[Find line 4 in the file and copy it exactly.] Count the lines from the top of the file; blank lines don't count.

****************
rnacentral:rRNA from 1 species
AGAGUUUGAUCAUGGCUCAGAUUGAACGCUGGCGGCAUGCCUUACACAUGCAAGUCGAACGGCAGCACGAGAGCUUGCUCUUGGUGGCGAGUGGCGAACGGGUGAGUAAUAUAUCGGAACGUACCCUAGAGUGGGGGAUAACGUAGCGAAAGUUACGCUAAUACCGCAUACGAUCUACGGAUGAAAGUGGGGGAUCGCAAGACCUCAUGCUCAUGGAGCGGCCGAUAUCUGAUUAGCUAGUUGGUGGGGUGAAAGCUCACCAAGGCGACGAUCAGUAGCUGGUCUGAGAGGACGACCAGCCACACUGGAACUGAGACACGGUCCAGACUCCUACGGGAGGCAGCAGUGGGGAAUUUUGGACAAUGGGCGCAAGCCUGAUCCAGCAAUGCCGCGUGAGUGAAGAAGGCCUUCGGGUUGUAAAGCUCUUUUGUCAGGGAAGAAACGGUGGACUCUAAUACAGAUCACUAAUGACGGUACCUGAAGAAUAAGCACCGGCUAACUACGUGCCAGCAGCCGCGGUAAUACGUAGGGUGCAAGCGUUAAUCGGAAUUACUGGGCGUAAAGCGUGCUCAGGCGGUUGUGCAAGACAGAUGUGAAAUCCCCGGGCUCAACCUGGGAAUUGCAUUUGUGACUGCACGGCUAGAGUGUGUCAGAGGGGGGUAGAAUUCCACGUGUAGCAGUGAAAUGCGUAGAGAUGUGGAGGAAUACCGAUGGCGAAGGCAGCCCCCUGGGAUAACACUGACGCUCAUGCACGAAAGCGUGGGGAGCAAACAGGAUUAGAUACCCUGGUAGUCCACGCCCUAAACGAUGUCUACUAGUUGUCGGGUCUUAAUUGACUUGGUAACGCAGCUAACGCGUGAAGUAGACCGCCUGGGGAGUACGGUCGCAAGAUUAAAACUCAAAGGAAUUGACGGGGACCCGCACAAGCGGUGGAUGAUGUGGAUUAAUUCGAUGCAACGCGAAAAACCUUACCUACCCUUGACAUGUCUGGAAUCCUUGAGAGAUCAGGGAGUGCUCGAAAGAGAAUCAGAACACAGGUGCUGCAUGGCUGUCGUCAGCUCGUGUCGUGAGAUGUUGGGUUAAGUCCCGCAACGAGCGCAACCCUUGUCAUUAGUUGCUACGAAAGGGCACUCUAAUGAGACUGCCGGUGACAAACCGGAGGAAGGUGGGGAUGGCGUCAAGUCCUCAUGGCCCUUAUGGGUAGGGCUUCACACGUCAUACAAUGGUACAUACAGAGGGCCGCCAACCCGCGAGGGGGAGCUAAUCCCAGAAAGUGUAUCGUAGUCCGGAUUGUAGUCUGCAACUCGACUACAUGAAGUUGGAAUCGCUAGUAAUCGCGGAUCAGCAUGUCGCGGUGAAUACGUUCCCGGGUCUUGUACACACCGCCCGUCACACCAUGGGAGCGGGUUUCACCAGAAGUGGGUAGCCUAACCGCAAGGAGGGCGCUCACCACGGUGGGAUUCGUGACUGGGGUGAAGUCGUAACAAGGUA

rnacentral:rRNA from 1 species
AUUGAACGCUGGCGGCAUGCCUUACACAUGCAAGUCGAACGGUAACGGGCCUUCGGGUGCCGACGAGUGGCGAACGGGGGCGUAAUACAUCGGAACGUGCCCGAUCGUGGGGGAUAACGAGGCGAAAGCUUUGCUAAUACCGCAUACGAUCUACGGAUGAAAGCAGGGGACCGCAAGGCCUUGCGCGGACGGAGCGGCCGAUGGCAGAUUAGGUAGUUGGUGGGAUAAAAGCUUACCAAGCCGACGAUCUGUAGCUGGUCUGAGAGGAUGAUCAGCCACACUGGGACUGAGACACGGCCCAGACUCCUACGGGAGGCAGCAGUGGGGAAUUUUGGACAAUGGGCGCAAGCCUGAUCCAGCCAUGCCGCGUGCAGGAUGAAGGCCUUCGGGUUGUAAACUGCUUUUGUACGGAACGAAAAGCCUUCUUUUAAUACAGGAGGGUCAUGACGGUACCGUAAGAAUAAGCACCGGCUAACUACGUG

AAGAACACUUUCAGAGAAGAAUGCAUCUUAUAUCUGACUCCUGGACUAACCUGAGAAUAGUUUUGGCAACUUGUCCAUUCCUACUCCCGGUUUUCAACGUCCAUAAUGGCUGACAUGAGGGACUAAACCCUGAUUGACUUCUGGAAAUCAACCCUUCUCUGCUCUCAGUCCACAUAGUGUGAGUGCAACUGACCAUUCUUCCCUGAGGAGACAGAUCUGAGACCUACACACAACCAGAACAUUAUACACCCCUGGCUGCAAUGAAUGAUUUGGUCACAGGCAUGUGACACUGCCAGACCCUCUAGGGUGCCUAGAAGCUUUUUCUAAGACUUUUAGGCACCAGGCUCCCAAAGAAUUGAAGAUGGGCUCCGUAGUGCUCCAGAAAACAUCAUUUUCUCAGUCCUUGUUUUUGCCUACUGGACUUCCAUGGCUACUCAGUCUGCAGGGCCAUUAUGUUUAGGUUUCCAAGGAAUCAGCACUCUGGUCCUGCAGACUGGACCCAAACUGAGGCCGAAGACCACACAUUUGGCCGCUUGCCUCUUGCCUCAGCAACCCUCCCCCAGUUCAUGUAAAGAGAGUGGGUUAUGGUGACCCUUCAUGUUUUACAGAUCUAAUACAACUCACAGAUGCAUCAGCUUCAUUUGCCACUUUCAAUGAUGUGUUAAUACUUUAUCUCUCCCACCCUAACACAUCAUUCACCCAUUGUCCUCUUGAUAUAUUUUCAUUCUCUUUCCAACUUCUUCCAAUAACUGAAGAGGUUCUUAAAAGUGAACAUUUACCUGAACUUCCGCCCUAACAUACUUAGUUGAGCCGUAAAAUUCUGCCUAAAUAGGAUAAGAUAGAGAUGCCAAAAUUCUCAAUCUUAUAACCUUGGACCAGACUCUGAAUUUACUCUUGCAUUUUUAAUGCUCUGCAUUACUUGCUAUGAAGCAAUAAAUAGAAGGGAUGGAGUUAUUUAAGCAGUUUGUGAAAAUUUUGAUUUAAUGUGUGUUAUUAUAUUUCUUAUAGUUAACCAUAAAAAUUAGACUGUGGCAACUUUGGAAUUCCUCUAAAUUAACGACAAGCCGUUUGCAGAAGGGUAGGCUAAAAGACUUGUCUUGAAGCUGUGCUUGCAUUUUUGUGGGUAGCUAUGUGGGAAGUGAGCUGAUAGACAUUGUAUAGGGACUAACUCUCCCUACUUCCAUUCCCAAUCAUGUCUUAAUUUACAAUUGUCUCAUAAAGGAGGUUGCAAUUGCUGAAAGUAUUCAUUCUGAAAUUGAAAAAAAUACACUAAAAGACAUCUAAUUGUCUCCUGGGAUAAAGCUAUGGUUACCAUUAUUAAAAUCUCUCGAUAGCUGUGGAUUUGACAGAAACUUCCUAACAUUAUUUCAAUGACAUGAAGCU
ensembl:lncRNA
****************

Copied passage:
AUUGAACGCUGGCGGCAUGCCUUACACAUGCAAGUCGAACGGUAACGGGCCUUCGGGUGCCGACGAGUGGCGAACGGGGGCGUAAUACAUCGGAACGUGCCCGAUCGUGGGGGAUAACGAGGCGAAAGCUUUGCUAAUACCGCAUACGAUCUACGGAUGAAAGCAGGGGACCGCAAGGCCUUGCGCGGACGGAGCGGCCGAUGGCAGAUUAGGUAGUUGGUGGGAUAAAAGCUUACCAAGCCGACGAUCUGUAGCUGGUCUGAGAGGAUGAUCAGCCACACUGGGACUGAGACACGGCCCAGACUCCUACGGGAGGCAGCAGUGGGGAAUUUUGGACAAUGGGCGCAAGCCUGAUCCAGCCAUGCCGCGUGCAGGAUGAAGGCCUUCGGGUUGUAAACUGCUUUUGUACGGAACGAAAAGCCUUCUUUUAAUACAGGAGGGUCAUGACGGUACCGUAAGAAUAAGCACCGGCUAACUACGUG